Ebone Monet | California Black Media
As mass protests continued across the state Tuesday, the California Legislative Black Caucus CLBC) called for lasting change in race relations — as well as reform in social justice policy — in California and around the country. Standing six feet apart and wearing masks to protect against the spread of COVID-19, the lawmakers met at the state Capitol to address what they described as a “pandemic of hate.”
Assemblymember Dr. Shirley Weber (D-San Diego), chair of the CLBC, condemned the destruction and looting that sidelined the demonstrations in California and across the nation. The protests erupted about a week ago after Minneapolis police killed George Floyd, an unarmed Black man, on Memorial Day.
“The issue we’ve faced for over 400 years is the enslavement, mistreatment, and often the efforts of genocide of the African in this country,” said Weber, in a powerful statement that condemned the brutal death of Floyd.
In their statements, caucus members echoed Weber. They made the case that sustainable social and economic change in America starts with acknowledging that racism and injustice towards African Americans today is linked to slavery, and it can be traced to the decades of segregation and discrimination that followed.
She also said it is important not to limit the public conversation to the loss of property without addressing the deeper problems.
Weber offered emotional historic examples of public lynchings of African American men and the separation of enslaved women from their children. It’s a part of U.S. history, CLBC members said.
CLBC leaders also highlighted victories such as the passage of police reform legislation. Last year, Gov. Gavin Newsom signed a bill, AB 392, into law that Weber authored. The groundbreaking legislation limits when police can use deadly force. The legislation, which was fiercely opposed by police unions in California, is now being lauded by activists, policy makers and law enforcement experts across the country as one of the strongest and most effective actions taken by any state to reduce police shootings.
Another bill the CLBC supported, Senate Bill 227, which would have changed the way officer-involved shootings are investigated was signed into law by former Gov. Jerry Brown in 2017 but has since been declared “unconstitutional” and overturned by the California Court of Appeal.
State Senator Holly Mitchell (D-Los Angeles) authored the bill and said the fight for criminal justice reform is met with strong police union resistance in the Legislature and continues in the courts.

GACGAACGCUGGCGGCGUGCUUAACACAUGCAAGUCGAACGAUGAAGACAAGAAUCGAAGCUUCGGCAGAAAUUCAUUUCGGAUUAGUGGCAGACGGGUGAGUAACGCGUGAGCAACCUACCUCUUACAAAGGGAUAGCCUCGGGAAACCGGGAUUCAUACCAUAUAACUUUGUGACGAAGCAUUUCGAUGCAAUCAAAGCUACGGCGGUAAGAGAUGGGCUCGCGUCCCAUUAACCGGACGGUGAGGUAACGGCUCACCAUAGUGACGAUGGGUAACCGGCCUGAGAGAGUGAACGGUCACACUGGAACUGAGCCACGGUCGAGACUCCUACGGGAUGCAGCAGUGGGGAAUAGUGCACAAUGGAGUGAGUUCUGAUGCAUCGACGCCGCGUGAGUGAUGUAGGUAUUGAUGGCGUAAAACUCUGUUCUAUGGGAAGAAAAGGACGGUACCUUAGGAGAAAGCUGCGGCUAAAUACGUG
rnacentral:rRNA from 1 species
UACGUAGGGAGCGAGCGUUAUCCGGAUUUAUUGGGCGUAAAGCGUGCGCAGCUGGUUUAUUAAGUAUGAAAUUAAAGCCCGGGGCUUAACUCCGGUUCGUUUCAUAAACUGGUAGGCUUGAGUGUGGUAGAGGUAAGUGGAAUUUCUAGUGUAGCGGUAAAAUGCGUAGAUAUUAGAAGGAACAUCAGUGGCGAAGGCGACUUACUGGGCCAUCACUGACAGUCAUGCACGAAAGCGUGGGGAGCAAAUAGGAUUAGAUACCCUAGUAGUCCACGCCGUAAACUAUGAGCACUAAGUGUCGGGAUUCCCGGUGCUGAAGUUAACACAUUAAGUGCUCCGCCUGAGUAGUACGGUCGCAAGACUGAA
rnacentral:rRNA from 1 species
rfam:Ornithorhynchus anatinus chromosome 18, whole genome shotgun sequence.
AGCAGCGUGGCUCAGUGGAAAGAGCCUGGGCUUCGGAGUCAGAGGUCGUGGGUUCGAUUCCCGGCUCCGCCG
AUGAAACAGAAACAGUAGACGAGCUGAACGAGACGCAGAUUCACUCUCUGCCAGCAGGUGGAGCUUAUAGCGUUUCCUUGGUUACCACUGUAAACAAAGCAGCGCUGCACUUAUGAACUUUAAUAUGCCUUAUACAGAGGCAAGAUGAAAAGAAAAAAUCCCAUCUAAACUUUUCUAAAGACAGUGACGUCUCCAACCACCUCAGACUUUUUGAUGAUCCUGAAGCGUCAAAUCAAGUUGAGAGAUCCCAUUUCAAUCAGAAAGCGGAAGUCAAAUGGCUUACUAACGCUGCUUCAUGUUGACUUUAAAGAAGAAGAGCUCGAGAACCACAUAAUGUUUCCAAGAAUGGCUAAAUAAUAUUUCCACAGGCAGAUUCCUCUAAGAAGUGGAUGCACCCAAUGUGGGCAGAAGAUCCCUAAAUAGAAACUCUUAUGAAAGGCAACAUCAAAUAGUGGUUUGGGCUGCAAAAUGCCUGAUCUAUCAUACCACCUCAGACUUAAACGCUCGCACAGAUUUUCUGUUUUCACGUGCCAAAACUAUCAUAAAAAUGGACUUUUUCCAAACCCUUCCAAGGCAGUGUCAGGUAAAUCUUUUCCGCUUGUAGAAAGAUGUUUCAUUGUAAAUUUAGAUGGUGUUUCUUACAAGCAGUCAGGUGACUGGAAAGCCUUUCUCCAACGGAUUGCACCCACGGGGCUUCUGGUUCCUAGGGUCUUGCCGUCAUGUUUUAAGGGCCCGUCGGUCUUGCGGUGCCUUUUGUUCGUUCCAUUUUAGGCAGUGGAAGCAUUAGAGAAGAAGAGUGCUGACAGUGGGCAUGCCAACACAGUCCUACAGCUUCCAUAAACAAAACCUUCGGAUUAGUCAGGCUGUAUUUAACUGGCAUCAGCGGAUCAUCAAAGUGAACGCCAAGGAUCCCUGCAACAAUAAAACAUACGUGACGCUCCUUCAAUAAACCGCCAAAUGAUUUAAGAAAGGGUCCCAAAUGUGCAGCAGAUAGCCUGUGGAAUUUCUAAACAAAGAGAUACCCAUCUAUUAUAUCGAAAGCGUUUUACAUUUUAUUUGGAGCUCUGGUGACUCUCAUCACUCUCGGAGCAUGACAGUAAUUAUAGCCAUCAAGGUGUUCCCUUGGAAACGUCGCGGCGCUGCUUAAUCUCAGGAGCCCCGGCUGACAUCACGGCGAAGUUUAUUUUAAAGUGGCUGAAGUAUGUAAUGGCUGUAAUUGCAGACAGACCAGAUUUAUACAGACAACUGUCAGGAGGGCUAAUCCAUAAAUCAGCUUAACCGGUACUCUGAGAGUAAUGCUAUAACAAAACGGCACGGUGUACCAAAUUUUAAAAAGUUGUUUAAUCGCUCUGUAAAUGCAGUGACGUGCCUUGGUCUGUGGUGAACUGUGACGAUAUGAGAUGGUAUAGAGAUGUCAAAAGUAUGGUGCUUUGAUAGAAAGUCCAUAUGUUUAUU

Weber also spoke about CLBC’s history of fighting for equality, civil liberties and economic justice for Blacks that has ended up benefiting all Americans.
“We have kicked down doors of opportunity for everyone only to have them run over our back, and snatch those opportunities off the table and forget from whence they have come,” said Weber.
One of Weber’s latest bills is ACA 5. It would give voters a new chance to weigh in on affirmative action, which was banned when voters passed Proposition 209 in 1996. Supporters say ACA 5 would remove roadblocks to opportunities for women and people of color. Some opponents argue that the policy is discriminatory. Weber says, as of now, she doesn’t have the votes.
Throughout her eight years in the Assembly, Weber says she’s faced resistance to efforts to improve conditions for African Americans.
“It becomes painful to continue the conversation. Weber said she’ll keep on advocating for equality and called on allies to share in the responsibility.
Standing with the CLBC were members of the Progressive Caucus, LGBT Caucus,
“We know that the solution lies in the changing of this nation,” Weber said, urging allies to take up the banner and fight along with African Americans. “The battle that is so essential,” she said.
Members of the CLBC are: Assemblymember Shirley N.Weber, (D-San Diego), the chair; Senator Steven Bradford (D-Los Angeles), the group’s vice chair; Senator Holy J. Mitchell (D-Los Angeles); Assemblymember Sydney Kamlager (D-Los Angeles), secretary; Assemblymember Jim Cooper (D-Sacramento), treasurer; Assemblymember Chris R. Holden (D-Pasadena); Assemblymember Mike Gipson (D-Los Angeles); Assemblymember Autumn Burke (D-South Bay, Los Angeles); Assemblymember Reginald Jones-Sawyer, Sr. (D-South Los Angeles); and Assemblymember Kevin McCarty (D-Sacramento).